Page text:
Although there’s one week of October left, the October Nihon Ki-in insei league is now over, and we’ll already start with November’s league this weekend. Since this way, one “month” only has 28 days, we’re running a little bit fast — this is compensated by the insei getting a Christmas holiday of two weeks, right after the December league stops at December 18. My final score in class E was 40 wins to three losses, easily giving me the first place of the class. From next weekend on, then, I’ll be starting at class D with a significantly smaller amount of games to be played, but with slower time settings. The exact settings are described here (in the first paragraph), in case somebody missed them.
Yesterday we had the fourth installment of the English lesson for professionals. The lesson went otherwise as normal, me presenting my insei games and the professionals commenting them in English, but there were two surprise factors. First was that Tom, my friend from the Nihon Ki-in, had through some contacts gotten us two new western participants: Andreas from Italy and Gediminas from Lithuania. Of them, Andreas had played a little bit some fifteen years ago, and Gediminas was new to the game. The reviewing part of the English lesson, then, likely wasn’t very useful or interesting to the newcomers, but after two game reviews, we had the professionals teach Andreas and Gediminas some basic rules of the game — again in English, of course! I helped a bit, but the professionals did very well on their own part. The second surprise factor was that Takemiya-sensei also attended the lesson! He was present for the first 45 minutes, commenting one of the insei games that I lost, and then went on to his weekly dancing lesson. Could I say, then, that I have taught Takemiya? Maybe best not to.
I promised to answer some questions by Max, so here goes:
If you have time to answer it would be interesting to hear your thoughts/opinions on the following:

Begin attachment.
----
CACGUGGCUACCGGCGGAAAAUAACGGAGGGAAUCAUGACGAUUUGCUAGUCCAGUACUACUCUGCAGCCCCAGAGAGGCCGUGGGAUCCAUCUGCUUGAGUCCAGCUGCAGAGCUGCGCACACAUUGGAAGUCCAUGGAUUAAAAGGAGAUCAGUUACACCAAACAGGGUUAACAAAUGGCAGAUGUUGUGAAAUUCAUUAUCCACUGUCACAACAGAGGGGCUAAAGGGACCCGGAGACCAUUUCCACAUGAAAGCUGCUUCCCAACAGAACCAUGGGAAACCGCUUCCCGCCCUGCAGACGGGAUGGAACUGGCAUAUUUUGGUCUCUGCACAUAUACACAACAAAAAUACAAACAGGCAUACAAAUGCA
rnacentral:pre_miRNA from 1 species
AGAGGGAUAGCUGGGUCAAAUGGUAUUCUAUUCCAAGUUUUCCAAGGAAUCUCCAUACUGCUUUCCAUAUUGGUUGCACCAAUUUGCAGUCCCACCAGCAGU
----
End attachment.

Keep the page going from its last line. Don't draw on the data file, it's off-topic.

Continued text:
How do you study in Japan when the insei classes are only for playing games and some reviews? What do you do to improve the rest of the week? Are you going to a pro study group, or just doing problems by yourself?
Compared to for example summer camps organised in China, do you think the insei experience has so far been better for improving?
As a reminder to the readers, the insei also only play and review during the weekends, practically leaving me with five more or less free days per week. So far, my approach has been more to the direction that since I’m beginning from the lowest classes, of which at least class E didn’t provide me with much difficulties, I’ll do my best to improve my language skills first. Since I have the advantage of being in Japan and studying Japanese, my way to keep on training on both go and the Japanese language has been to read the Japanese Go Weekly magazine, as well as Japanese go books (so far I’ve read 基本戦略, 七段サバキ and 七段序盤戦: “Basic strategy”, “7 dan level sabaki” and “7 dan level opening game fighting”. I’ve really liked this way of training so far, especially since Japanese go terminology surprisingly has a lot of words that are useful outside of go, too. Then there is of course the English lesson once a week, which means some more game reviews for me. I didn’t go to a professional study group yet, but am planning to look out for one sooner or later. Problems I do almost every day in the morning.
Comparing to the Experience Go in China camp so far, there is of course the difference that in China, we’d study on five or six days a week, while here there’s official training only on two days. In China we’d receive lectures on specific subjects in the morning and then we’d play one game in the afternoon — I’d say my way of covering the lectures I’d received in China by reading books here, and playing a lot during the weekend should be pretty much as effective a way of training. So far the main problem has been that most of the games I’ve played haven’t been too challenging, but this should get fixed sooner or later. The atmosphere for learning at the Nihon Ki-in feels somewhat more serious than the one in China, which shouldn’t come as a surprise. Of course, all of this is still just my current impression; we can look at this question again in a few months, seeing how much I will have improved by then. The Experience Go in China program did make me improve by quite a bit, after all — maybe by about one stone in 2009.